Prepping your canoe and/or kayak for the winter ahead.

We get asked quite often what one can do to best prepare their composite boat for winter. It’s tempting to just put the boat in the garage and forget about it, so here’s quick look at the best steps to winterizing your canoe or kayak.

First, grab a couple sawhorses (or foam blocks) and fill up a bucket with mild soap. Dawn is perfect. If you have access to a hose, set the horses up near it. Spray into both the cockpit and hatches to loosen up dirt and ensure the best wash. Wash your boat inside and out with a mild soap.

Inspect it as you do, take note of any damage that may be new from the last season. You’ll want to have a plan for repairs, whether that is doing it yourself in the spring or scheduling with a local repair shop. Lincoln’s short window for repairs fills quickly and we often have to disappoint folks with a less than ideal turnaround time.

If you have anything on your boat that has tension, relax those things. Drop the skeg or rudder, loosen any straps you might have (older Lincoln’s have hatch straps, keep them connected but loosen them just a tad). Use 303 Aerospace Protectant on rubber hatch covers to condition the rubber. Once everything dries, seal your cockpit with a cockpit cover to keep critters out. We recommend the product line from Seals. Orders can be placed through us for direct ship to you.

Over the winter your kayak is best stored with minimal pressure on the hull by placing it in cradles that tilt it on its side. Some folks have cradles installed on the wall, or a suspension pulley system is a great option too. If you’re using these methods, make sure you align your brackets/straps with the bulkheads where the hull is strongest.

For CANOES: Everything above applies, and they are best stored upside down on their gunwales / rails (or suspended with pulleys).

Canoes and Kayaks are ideally stored inside. If you must store outside under the elements, keep the boat up (especially the canoe’s gunwales / rails), removed from the frost and moisture. We’ve seen racks built, or sawhorses used.

Also key to keep in a place away from possible snow melt. We saw quite a few canoes and kayaks come in this spring that had cracked under the pressure of large snowfalls.


  1. Wash with mild soap
  2. Examine for repairs and plan (or schedule) them well in advance of next season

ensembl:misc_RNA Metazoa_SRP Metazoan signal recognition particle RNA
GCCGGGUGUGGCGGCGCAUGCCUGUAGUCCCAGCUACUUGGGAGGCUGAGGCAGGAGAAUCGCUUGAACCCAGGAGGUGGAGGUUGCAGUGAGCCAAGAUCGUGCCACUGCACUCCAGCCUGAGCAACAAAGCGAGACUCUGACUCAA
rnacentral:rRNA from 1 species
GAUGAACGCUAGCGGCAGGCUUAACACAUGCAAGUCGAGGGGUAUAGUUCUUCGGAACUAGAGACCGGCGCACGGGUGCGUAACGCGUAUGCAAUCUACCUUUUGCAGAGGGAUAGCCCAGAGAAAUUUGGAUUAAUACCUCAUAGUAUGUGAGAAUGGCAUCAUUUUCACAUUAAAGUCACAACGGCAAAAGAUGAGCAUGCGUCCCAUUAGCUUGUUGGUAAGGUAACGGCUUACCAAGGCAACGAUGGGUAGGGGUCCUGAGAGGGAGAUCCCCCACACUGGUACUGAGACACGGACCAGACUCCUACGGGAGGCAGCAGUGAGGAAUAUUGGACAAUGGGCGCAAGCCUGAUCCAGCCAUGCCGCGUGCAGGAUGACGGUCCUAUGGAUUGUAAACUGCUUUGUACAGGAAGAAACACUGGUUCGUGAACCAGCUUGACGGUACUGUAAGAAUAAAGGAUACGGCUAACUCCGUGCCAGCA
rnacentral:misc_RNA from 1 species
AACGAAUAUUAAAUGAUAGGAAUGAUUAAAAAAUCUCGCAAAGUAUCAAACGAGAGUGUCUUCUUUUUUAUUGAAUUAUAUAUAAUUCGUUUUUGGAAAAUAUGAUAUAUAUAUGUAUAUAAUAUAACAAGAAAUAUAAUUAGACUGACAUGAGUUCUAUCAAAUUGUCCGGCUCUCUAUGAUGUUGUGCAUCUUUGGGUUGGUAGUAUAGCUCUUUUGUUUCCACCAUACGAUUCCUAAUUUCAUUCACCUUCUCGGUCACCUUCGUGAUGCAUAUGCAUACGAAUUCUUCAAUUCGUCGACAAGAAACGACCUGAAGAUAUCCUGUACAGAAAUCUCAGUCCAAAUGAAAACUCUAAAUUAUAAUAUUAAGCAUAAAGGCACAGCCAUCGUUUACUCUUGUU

3. Loosen any straps, condition rubber with 303
  4. Store on racks, especially if stored outside

How about the gear?

Just like the kayak, examine and wash your gear with mild soap (or specially formulated dry / wetsuit soap if applicable). This includes your PFD, spray skirt, hatch covers. Several companies make a neoprene shampoo. We recommend . You can also use MiraZyme Odor Eliminator with gear that’s getting especially ripe. This is a great time to apply 303 Aeropsace Protectant to your neck and wrist gaskets and if necessary, replace your gaskets. Store your gear in a cool, dry place with zippers open. If you use a hanger, make sure it’s wooden or metal. Plastic react negatively with the latex over time.

Lastly, do a quick look through your first-aid kit and bailout bag. Throw away any perishables or items that could cause damage, like leaky batteries. Especially focus on removing food. You don’t want to attract friends through the winter!

Perfect. Now you know you can spend the winter on the trails and slopes and your gear will be in great shape when you open things up for the next season.


  1. Wash your gear with mild soap and take note of any need for repair
  2. Condition your latex with Protectant 303 to ensure maximum lifespan
  3. Store dry gear in a cool / dry place with zippers open and avoid plastic hangers
  4. Remove anything from your kits that could cause damage or attract unwanted visitors over the winter: batteries, snacks, et cetera.  

Why Saltspray?

Because to us, saltspray is what adventure tastes like. Salt is a basic yet integral component of natural life and as a word it weaves its way through our language. At Lincoln we seek out the salt of the earth to join us on the next adventure, our boats are worth their salt, and we've all bought a lobster (or several) from a salty 'ol fisherman while paddling the coast of Maine. Saltspray. It's our blog and we hope you'll enjoy.